I Love You But…

Let’s be honest, there is always going to be something we don’t like about our friends and family.  No one is perfect and we all have flaws, but what I’m interested in is how we love people despite their imperfections.  I know it must be possible because I’ve felt it; I’ve experienced genuine love from people who knew my flaws and failures. Sometimes it seems like this is a result of ignoring or overlooking these seemingly small issues and choosing to see only the good in people.  Other times it can be accomplished by choosing to see flaws as quirks or alternative life choices instead of deep moral failings.  That’s not what I’m talking about, though, because people can tell the difference.  People know when there’s a silent “but” at the end of your “I love you.”

I think a key component is realizing that you can’t really love someone if you are overlooking their flaws.  Turning a blind eye to something potentially harmful isn’t love and neither is harboring anger and judgement and simply avoiding the topic.  Don’t get me wrong though, I’m not saying to just modify your feelings, thoughts, beliefs etc. in order to make space for other people’s hangups.  This is where the difficulty lies; as with most things, I think the key is hidden somewhere between the two extremes in some mythical middle ground.

While I wanted to discuss this in a more generic way without relating it back to LGBT stuff, I think it’s important to note that in many cases, the “agree to disagree” approach just isn’t sufficient.  When the topic is something external and relatively innocuous, this may work, but when talking about something as personal and emotion-laden as a person’s sexual or gender identity, a key aspect of who they are as a person which touches nearly every aspect of their past, present, and future, simply agreeing to disagree often times just won’t cut it.  I think they key to this conundrum might lie in our definition of love which my pastor always describes as “willing the other person’s good.”  If you are truly and honestly seeking the best that God has for your friend or family member, you should be able to convey your disagreement in a way that doesn’t make them feel attacked, ashamed, rejected, or insufficient.  You should be able to make it clear that this minor point of contention is nothing when compared with the overwhelming affection you feel towards them.

As I mentioned in a previous post, this has been a tough piece to write, primarily because the questions it asks are at the heart of the conflict that has raged within me for the last few years: the place where my desire to love like Jesus meets my futile attempts at living as a righteous child of God.  Matthew 5 concludes with the impossible directive to “Be perfect, therefore, as your heavenly Father is perfect” and that is a command I have tried to take very seriously in my life despite the fact that I’ve never been anywhere near achieving it.  However, I think it is also important to note what is said just before this, a reminder that “He causes His sun to rise on the evil and the good, and sends rain on the righteous and the unrighteous.” That’s God’s way of showing His love for us: no matter how badly we’re failing at living up to His standards, He set a flaming orb in the sky to give us heat, and life and light and He causes droplets of moisture to condense in the air and fall down on us to our delight and dismay. Wherever we are on that continuum from perverse to perfect, we all experience the same rain and the same sun.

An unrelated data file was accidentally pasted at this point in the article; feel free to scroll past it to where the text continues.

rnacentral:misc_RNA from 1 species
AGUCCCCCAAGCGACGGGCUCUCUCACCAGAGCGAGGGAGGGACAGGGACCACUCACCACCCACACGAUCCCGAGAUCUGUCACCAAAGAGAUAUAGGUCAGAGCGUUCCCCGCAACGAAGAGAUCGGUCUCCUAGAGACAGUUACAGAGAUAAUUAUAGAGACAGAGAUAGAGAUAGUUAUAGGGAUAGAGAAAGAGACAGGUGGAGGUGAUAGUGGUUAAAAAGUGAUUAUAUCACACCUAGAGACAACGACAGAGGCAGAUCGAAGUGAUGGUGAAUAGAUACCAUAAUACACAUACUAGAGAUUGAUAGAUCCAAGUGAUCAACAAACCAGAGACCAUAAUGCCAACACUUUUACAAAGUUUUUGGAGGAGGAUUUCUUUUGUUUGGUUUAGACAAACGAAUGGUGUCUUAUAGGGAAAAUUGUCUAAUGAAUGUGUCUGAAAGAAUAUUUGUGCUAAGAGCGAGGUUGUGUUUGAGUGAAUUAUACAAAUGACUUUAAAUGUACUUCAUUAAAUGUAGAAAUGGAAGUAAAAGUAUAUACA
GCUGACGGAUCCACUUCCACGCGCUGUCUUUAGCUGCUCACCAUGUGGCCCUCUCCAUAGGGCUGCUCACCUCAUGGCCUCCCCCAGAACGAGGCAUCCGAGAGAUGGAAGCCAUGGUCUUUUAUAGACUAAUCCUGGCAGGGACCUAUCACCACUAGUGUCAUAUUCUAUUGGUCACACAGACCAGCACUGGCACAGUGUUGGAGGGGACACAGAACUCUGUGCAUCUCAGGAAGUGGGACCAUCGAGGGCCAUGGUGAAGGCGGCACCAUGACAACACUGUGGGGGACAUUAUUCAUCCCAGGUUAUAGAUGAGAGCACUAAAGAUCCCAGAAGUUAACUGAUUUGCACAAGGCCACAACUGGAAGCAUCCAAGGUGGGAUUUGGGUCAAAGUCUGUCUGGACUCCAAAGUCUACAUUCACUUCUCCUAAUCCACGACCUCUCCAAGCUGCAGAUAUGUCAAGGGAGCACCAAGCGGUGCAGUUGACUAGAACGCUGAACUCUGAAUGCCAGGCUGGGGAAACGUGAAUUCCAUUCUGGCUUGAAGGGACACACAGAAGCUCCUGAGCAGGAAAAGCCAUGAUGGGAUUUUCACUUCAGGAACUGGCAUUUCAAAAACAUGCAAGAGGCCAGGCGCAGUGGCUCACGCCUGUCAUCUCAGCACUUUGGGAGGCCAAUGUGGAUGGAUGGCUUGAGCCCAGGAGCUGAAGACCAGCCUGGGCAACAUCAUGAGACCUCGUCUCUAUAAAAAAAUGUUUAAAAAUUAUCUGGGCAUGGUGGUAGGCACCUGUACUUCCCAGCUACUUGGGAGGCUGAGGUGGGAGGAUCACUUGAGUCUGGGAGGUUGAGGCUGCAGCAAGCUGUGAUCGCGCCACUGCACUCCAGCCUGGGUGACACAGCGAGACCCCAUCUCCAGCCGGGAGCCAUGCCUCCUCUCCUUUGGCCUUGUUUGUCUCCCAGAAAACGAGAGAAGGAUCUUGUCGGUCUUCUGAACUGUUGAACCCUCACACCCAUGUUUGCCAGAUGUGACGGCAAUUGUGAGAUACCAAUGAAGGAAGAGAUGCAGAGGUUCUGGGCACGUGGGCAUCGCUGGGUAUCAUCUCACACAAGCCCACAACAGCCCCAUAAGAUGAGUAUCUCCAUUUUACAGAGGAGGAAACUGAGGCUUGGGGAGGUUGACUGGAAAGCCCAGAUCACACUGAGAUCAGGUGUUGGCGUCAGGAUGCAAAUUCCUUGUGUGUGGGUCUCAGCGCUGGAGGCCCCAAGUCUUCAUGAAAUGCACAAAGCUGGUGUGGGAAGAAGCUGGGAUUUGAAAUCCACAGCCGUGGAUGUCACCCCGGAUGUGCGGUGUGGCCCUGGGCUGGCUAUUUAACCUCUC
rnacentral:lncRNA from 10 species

I’m Not the Same Person

A thought occurred to me the other day that, as I’m slowly growing and maturing, I essentially become a new person every decade or so.  I imagine this is true of most people and I began to ponder the theological implications of this.  When I first accepted Christ, I was around four years old and I did it because my mom wanted me to.  I don’t remember much about the situation and what I do remember, may not be completely accurate, but I seem to recall my mom asking me if I wanted to ask Jesus into my heart and I could tell by the way she asked that my answer should be yes.  Then she asked me to repeat after her and I did and she was happy.  Not long after that, I was baptized  and I pretty clearly remember that my primary motivation for that was the fact that the baptism was in a pool and I was promised I could go swimming afterwards.  Now, I’m not saying this to slight my mom or her methods of discipling me, that’s a topic for another post.  The reason I bring this up is to show the mindset I was in at the time; I was a child and therefore my understanding of God and what it means to follow him were limited.

Years later, towards the end of my time in high school, I realized just how ignorant I was when I first gave my life to Christ and decided to re-dedicate myself to Him.  This time, I wasn’t baptized, but I did go forward during a youth event and pray with my youth pastor and, for a time, I felt that I had become a mature Christian.  It’s only recently that I’ve become aware of just how little I knew back then and this has lead me to wonder if, as Christians, we should somehow formally re-dedicate our lives and possibly be re-baptized as we grow into these new people with new understanding.  At least for me, it feels like the promises I made at four to follow Christ don’t mean much, they were a misguided attempt and being a obedient.  My re-dedication in my teen years was more authentic, but still lacking much of the maturity and wisdom I now poses.  It almost feels like I need to check in with God and say, “Even though I am now able to perceive more of what following you means and how difficult it can be, now that I know it’s not going to solve all my problems and may at times create more, I’m still in this.”

How Best to Love

I find it interesting that for almost every argument in all of Christendom, someone has argued the point that love is the most important thing, that God is love, or that, of faith, hope, and love, the greatest of these is love.  How can this same argument be used for both sides of every disagreement?  I think what it comes down to is we often fundamentally disagree on how best to love those around us.

The definition of love that my pastor likes to use is “to will the good of another” which, while simple and beautiful, leaves a lot of gray area regarding how we ought to act towards one another.  In many instances, it’s self explanatory, don’t murder, steal from, or otherwise harm other people.  In short, treat others as you would like to be treated.  However, what happens when things become a little less clear and how I want to be treated is different from how you want to be treated?  What happens when we act in what we think is someone’s best interest, but in reality, we’re causing more harm than good?